Five audited mortgage brokerages need to better secure their customers' personal information from theft, Privacy Commissioner Jennifer Stoddart said yesterday in a report.
River City Financial Services President David Armstrong weighs in on the report and talks to CMP reporter Nick Lypaczewski about what the audit did right and what the Privacy Commission can improve.
What are your thoughts on the security concerns brought up by the audit?
I agree with a lot of the concerns, although I do feel they're singling out mortgage brokers to a certain extent. This is a problem, I think, in the entire credit industry, not just brokers. Many financial institutions, banks included, they have cubicle-type offices where personal information is often out and about. I do agree with the concerns, but I don't think that it's right to single out mortgage brokers; I think they should have focused on the entire credit industry.
How do you think imposter-brokers are so easily able to rip-off customers?
In Alberta, we have very stringent licensing requirements and I think it's something that the entire country should follow. Before you can obtain a license in Alberta, you not only have to go through the course, you also have to get a certified criminal record check completed where you're actually fingerprinted. It's a lot more thorough in making sure the people who are being registered are who they say they are and, because you have to go through that process, you can't register someone to work for you as a mortgage broker until they've been cleared by our provincial licensing body. We, as a mortgage broker, can't put somebody onto our employ and register them until they've been cleared by the Real Estate Council of Alberta through this process.
Are there any other security concerns you can think of that Stoddart's report didn't address?
The problem is, we work in a very competitive environment so financial institutions access credit bureaus without obtaining signed authorization up front. You can't restrict one entity and not restrict another because it makes for an unlevel playing field. I think you need to bring about some new strict rules for the entire credit industry and then, if it was a level playing field and everybody had to follow those same rules, everybody would be better protected. My main concern, frankly, over the security of information is on the paper side of things. We are required to maintain client files far too long and it's really a duplicate file that the lender has. Our provincial licensing bodies and various government agencies actually require us to keep these paper files for a long period of time and that's your biggest risk. We should be allowed once the mortgage funds to destroy the file in its entirety other than maybe the client's authorization and a couple of other things because the lender has all that information already.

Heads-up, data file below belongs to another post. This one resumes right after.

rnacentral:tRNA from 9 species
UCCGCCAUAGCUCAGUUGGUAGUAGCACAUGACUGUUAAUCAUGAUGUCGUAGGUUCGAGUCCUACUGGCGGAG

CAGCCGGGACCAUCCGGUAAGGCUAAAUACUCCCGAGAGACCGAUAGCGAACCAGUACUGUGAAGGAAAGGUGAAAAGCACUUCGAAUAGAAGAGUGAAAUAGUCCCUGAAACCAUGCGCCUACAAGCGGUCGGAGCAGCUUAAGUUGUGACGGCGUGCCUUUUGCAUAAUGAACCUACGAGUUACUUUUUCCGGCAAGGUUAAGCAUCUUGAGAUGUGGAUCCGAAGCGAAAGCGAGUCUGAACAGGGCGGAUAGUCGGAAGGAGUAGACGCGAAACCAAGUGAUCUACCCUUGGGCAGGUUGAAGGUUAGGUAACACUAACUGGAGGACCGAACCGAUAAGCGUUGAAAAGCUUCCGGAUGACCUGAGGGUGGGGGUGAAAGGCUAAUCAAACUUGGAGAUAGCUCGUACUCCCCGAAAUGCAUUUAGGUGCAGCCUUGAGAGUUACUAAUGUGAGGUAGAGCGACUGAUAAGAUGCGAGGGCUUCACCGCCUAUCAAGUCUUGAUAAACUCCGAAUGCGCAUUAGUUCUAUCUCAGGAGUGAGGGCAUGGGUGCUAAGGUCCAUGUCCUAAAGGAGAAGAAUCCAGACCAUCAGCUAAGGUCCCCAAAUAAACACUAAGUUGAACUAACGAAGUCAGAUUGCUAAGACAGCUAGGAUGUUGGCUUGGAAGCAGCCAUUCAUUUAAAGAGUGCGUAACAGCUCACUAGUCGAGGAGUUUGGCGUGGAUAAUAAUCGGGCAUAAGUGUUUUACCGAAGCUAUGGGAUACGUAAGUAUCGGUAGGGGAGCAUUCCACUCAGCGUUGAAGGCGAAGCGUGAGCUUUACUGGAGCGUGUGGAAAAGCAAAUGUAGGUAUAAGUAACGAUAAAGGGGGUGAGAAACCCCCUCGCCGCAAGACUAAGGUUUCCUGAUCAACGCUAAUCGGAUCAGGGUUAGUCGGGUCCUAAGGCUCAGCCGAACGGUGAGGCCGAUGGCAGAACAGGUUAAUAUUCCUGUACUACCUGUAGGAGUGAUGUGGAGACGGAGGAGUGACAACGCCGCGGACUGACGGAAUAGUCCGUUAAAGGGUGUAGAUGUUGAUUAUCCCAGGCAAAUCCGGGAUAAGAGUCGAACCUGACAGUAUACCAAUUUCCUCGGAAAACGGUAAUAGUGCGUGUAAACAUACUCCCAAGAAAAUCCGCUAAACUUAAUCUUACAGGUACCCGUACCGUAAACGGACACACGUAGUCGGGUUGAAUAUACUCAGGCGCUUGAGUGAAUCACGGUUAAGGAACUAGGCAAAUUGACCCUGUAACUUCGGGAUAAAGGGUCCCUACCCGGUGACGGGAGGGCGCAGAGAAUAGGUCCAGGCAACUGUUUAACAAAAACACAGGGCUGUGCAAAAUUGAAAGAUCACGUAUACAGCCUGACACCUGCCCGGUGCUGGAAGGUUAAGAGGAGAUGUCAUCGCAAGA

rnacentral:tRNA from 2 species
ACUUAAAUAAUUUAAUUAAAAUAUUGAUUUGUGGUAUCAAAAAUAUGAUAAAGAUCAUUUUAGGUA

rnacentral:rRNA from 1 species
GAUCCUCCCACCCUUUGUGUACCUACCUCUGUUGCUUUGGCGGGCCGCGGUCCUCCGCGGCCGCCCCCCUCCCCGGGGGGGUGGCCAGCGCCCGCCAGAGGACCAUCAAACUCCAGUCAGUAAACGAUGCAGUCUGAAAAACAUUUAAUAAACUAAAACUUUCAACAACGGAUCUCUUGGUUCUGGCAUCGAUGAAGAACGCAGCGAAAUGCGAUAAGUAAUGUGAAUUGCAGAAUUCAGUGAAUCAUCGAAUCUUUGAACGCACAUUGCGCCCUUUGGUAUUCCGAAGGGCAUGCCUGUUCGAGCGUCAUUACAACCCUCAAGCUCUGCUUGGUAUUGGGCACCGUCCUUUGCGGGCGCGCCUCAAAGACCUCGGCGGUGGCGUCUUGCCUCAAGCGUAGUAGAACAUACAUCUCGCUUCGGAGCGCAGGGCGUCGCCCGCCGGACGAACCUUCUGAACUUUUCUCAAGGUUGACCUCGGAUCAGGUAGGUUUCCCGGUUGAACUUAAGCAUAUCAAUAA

Do you think Stoddart's recommendations will stop the problem and to what extent?
I don't think they go far enough. I think, again, the biggest issue is around the storage of files. Why are we keeping them for so long? We don't need to have this information. I've been in business for six years; I've never had somebody come to me asking me to view this information i.e Revenue Canada, a lender, auditor, that kind of thing. I think that [the report] will help and it certainly brings awareness to the problem but I think we need to really address this not as a mortgage broker industry but as a credit industry. You can't single out just mortgage brokers; you have to have the same rules for everybody that's lending money and everybody that's accessing this information and you need to tighten the rules.
Read Stoddart's full audit on selected mortgage brokers.
Mortgagebrokernews.ca news brief on Stoddart's report that mortgage brokers need to improve customer security.
MORTGAGEBROKERNEWS.CA WEB EXCLUSIVE: CMP staff writer Heather Li talks to Greg Viger, accredited mortgage professional with Dominion Lending Centres Financial Ltd., about mortgage brokers protecting their clients' information.